DP World Tour
Europe's Ryder Cup contenders start strong in Abu Dhabi, but captain Luke Donald is who everyone is chasing
Luke Donald jumped to the opening-round lead at the Abu Dhabi HSBC Championship with a eight-under 64.
ABU DHABI — His tongue was firmly in his cheek, but European Ryder Cup captain Luke Donald just couldn’t resist after shooting an eight-under-par 64 to grab the lead in the opening round of the Abu Dhabi HSBC Championship.
“I’m just making myself the aim [target] for the guys that are trying to make the team,” said the former World No 1, who is now ranked 540 places lower. “If they can’t beat me, then what the hell are they doing?”
Actually, on this day at least, not too badly. A number of those who will surely be in contention for a spot of team match-play golf in Italy come September opened their stroke-play seasons on the DP World Tour with performances almost as good as Donald’s.
French Open champion Guido Migliozzi nipped round the picturesque Yas Links course in 65. Seamus Power, the man currently atop the PGA Tour’s FedEx Cup rankings, shot 66. One of Donald’s vice captains, Edoardo Molinari counted seven birdies in his 67, a score matched by two former Open champions, Shane Lowry and the “other Molinari,” Francesco. Lowry’s playing partner, Tommy Fleetwood, like the Irishman, neglected to drop a shot in his 68.
Indeed, watching all of the above during last week’s Hero Cup match between Great Britain & Ireland and the Continent of Europe was apparently a contributing factor in Donald’s fine performance, one that included a run of five straight birdies as he made nine on the day offset by a lone bogey.
“I never think it’s bad to be surrounded by a lot of good players,” said the 45-year-old Englishman, who hadn't shot this low a round in a DP World Tour start since the Alfred Dunhill Links Championship in September 2019. “The competitiveness of last week was inspiring. The guys all played their hearts out. They really wanted to win. And both teams wanted to beat each other. All of that rubbed off on me a little. I do think my game has been in a pretty good spot though. I’ve worked hard on it over the winter. I didn’t get to practice a lot last week, but I’m obviously very happy. I was playing well in practice but you never know what will happen under the gun.”
Luke Donald hadn't shot a 64 in a DP World Tour event since the third round of the Alfred Dunhill Links Championship in September 2019.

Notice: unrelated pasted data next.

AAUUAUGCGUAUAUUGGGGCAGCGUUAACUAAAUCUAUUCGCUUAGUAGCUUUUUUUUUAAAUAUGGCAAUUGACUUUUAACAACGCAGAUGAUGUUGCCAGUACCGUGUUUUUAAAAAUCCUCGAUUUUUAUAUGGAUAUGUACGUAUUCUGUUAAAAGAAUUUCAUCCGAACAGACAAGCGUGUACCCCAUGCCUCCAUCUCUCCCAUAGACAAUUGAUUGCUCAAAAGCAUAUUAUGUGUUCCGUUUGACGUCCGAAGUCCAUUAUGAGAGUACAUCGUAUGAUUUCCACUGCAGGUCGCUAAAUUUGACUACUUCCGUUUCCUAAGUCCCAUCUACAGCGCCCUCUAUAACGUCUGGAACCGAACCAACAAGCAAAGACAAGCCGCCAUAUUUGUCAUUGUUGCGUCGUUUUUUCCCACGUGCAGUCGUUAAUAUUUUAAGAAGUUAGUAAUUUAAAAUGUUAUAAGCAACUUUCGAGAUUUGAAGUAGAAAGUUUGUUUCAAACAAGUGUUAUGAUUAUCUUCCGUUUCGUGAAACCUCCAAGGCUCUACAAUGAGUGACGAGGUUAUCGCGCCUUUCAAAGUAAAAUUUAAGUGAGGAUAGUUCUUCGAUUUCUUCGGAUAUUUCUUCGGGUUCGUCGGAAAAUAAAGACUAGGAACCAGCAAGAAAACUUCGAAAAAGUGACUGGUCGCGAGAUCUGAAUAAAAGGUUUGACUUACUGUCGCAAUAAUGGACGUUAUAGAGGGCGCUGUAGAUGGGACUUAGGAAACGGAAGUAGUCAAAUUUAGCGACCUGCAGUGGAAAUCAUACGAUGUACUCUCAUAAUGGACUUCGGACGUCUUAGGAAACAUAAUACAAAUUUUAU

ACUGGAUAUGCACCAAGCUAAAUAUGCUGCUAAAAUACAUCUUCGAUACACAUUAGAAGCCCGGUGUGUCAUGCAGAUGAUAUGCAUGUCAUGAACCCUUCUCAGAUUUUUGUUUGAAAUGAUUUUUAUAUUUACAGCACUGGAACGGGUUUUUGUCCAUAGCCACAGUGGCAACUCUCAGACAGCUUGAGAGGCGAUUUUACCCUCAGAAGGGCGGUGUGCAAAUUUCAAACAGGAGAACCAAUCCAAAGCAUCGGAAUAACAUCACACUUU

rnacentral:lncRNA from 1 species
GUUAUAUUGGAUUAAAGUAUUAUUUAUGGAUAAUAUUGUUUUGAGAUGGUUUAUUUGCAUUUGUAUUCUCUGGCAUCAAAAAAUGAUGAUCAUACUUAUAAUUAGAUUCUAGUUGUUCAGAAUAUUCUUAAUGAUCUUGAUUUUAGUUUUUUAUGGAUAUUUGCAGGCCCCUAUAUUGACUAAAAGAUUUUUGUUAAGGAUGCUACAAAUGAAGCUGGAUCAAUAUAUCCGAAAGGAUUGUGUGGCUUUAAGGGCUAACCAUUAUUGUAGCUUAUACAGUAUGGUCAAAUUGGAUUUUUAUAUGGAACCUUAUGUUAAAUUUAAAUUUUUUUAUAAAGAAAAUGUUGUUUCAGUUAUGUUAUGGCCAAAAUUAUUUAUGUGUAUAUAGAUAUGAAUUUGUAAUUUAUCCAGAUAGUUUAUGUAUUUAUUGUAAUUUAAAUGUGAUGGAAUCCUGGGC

Adding to Donald’s comfort on the 7,425-yard layout is the fact that the course, one he likened to another Kyle Phillips-design, Kingsbarns in Scotland, “suits his eye.”
“I’ve played some great rounds there,” he said. “It’s always been that certain courses favor certain players. So this is a fun course for me, one where you are nearly always going to hit a lot of fairways and greens. If the putter is ‘on’ as it was for me today, I feel like I can go low. Which I did.
So how can he keep it going beyond merely one round? “I’ve just got to concentrate on what I do best,” he continued. “Hitting more fairways is a good key for me. When I’m in play my strengths kick in. I still think I have a good enough game to win. It comes down to me putting like I know I can. I don’t hit it as far as some of these guys. But I’m hitting it straighter so that I don’t have to play defense out there. That’s what I was feeling when my driving wasn’t great. I was chipping out on a couple of holes most days. So it was hard to build momentum. If I can drive like I have the last few months and my putter behaves I’m in a good spot.”
The temporary presence of Donald’s old caddie, Johnny “Long Socks” McLaren, on the bag wasn’t hurting either.
“John and I obviously have great memories together,” said Donald, who also cited his work with swing coach, Jamie Gough, as being influential in this sudden return to former form. “We had seven years together, which was the best period of my career. He knows my game. He knows how to react with me. And I know how to react with him. It’s a good mix. So it was a bit like the old days out there. I made some nice putts, which is a key for me. I need to continue that this week.”
Inevitably given the quality of his play, Donald’s post-round chat with the media closed with the hypothetical “Would you be a playing captain at the Ryder Cup if you qualified?” question. It’s been a while since anyone tried to fill both roles. Arnold Palmer in 1975 at Laurel Valley was the last playing skipper on either side in the match.
“It would be tough to be a playing captain,” said Donald, employing a predictably straight bat to the query. “I’ve been a vice captain twice. I’ve been around other captains. There’s a lot going on during the Ryder Cup. It’s early days and 64 is a nice start to the week. But nothing more than that.”